Scholars argue that while the Civil Rights Movement may have formally ended Jim Crow, it also gave way to a new form of oppression, just as Reconstruction gave way to backlash and Jim Crow. Politically, what emerged was a transformation of strategy that masked an old game. In a 1970 interview with The New York Times, Kevin Phillips, a political strategist for then-President Richard Nixon, citing the response to the Voting Rights Act of 1965, explained, “The more Negroes who register as Democrats in the South, the sooner the Negrophobe whites will quit the Democrats and become Republicans. That’s where the votes are.”
Originally “Operation Dixie” under Barry Goldwater’s anti-civil rights platform, this new approach became known as the Southern Strategy, the political plan built on courting the votes of seemingly disaffected whites into the folds of the Republican Party. “Without that prodding from the Blacks,” Phillips deduced, “the whites will backslide into their old comfortable arrangement with the local Democrats.”
In the 1950s overt racism was still readily accepted political rhetoric, according to Lee Atwater, a Republican strategist for the Reagan Administration. Atwater went on to infamously reveal in a 1981 interview how these blunt racist tactics underlying the original strategy had since morphed: “By 1968 you can't say ‘[N-word]’—that hurts you. Backfires. So you say stuff like forced busing, states' rights, and all that stuff, and you're getting so abstract. Now you're talking about cutting taxes, and all these things you're talking about are totally economic things and a byproduct of them is, Blacks get hurt worse than whites.” Racism had hardly been scoured from politics; different rhetorical means were employed to achieve similar racist ends. Atwater concluded: “‘We want to cut this’ is much more abstract than even the busing thing, and a hell of a lot more abstract than ‘[N-word]’.’”
While more nuanced than pandering simply to racial angst, the strategy was an evolution of that old way into a new code that would be revived again and again on both sides of the political aisle, continuing to today. We hear it in rhetoric from welfare queens to superpredators, from law and order to voter fraud. We also see it reflected in policies from redlining to the War on Drugs, voter integrity initiatives, and beyond. The common thread in these examples are racially coded, “colorblind” politics, resulting in disproportionate, negative impacts for Black and brown communities in housing, healthcare, education, criminal justice, and more.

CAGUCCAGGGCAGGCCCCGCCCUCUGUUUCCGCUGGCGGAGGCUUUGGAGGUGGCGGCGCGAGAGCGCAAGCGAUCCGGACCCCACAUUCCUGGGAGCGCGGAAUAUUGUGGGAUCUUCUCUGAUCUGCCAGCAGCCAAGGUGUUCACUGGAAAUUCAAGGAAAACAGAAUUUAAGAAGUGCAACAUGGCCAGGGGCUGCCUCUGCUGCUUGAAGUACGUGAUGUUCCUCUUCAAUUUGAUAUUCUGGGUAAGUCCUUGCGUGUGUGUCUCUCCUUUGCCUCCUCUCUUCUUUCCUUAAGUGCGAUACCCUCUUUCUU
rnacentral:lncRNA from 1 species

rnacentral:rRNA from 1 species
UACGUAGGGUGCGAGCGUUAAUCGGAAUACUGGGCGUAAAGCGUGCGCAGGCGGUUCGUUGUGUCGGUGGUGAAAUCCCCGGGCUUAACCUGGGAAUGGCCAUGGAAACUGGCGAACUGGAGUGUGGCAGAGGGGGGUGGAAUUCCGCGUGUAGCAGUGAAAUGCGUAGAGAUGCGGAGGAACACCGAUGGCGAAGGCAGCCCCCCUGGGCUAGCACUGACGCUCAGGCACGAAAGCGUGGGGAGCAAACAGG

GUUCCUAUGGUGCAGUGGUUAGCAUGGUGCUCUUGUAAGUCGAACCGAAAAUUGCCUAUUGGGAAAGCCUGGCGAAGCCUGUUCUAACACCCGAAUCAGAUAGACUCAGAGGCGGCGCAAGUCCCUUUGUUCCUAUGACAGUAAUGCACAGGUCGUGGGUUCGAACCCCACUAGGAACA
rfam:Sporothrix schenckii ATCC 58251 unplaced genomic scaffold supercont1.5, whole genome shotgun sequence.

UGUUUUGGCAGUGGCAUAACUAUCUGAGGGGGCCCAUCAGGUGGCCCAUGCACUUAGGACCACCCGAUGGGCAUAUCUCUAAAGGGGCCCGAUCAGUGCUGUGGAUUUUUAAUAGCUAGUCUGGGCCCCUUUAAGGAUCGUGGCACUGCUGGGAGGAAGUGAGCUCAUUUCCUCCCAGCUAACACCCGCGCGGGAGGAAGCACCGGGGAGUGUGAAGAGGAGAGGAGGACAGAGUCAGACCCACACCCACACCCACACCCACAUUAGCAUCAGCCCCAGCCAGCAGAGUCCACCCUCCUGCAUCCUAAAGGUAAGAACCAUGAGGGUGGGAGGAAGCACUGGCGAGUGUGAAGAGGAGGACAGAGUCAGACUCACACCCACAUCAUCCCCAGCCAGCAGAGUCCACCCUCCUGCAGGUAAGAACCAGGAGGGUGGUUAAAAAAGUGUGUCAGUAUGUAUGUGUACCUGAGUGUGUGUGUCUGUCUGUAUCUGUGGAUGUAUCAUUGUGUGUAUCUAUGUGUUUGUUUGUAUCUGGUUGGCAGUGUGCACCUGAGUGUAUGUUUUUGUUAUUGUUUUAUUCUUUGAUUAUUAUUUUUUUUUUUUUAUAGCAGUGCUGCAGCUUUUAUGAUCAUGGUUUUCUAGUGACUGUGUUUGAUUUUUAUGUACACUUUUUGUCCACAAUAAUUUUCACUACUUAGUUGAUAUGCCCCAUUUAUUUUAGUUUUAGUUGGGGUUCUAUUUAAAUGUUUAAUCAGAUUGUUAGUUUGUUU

Reflecting on the almost natural evolution of the Southern Strategy from its historical origins, Phillips—the Nixon strategist—noted, “This is not a strategy or a blueprint, just the deciphering of an inexorable trend that will run its course and then be displaced by a new cycle whose origins are already with us, somewhere.”
Now, as the right to vote is more directly under threat for so many, as the very mattering of Black life is questioned, teachers are called to confront the fundamental relationship between politics, race, and racism. James Baldwin wrote, “We can disagree and still love each other unless your disagreement is rooted in my oppression and denial of my humanity and right to exist.” Human dignity is not a partisan issue, and for us as educators to stand up is urgent and necessary.
There is no denying the difficulties educators face when navigating conversations around civics and our democracy—difficulties we can better face when we are not alone in the work. But we can ask ourselves: How do politics (membership, power, and belonging) show up in my classroom, and do I interrogate this? How can disagreement be rooted in love? And when it’s not, where and how do I stand up against what is bigoted and exclusionary?
It takes courage to stand up, to engage fully, and unapologetically, with love and critical consciousness. But do so we must.
Facing History & Ourselves invites readers to use our resource collection The Reconstruction Era and the Fragility of Democracy.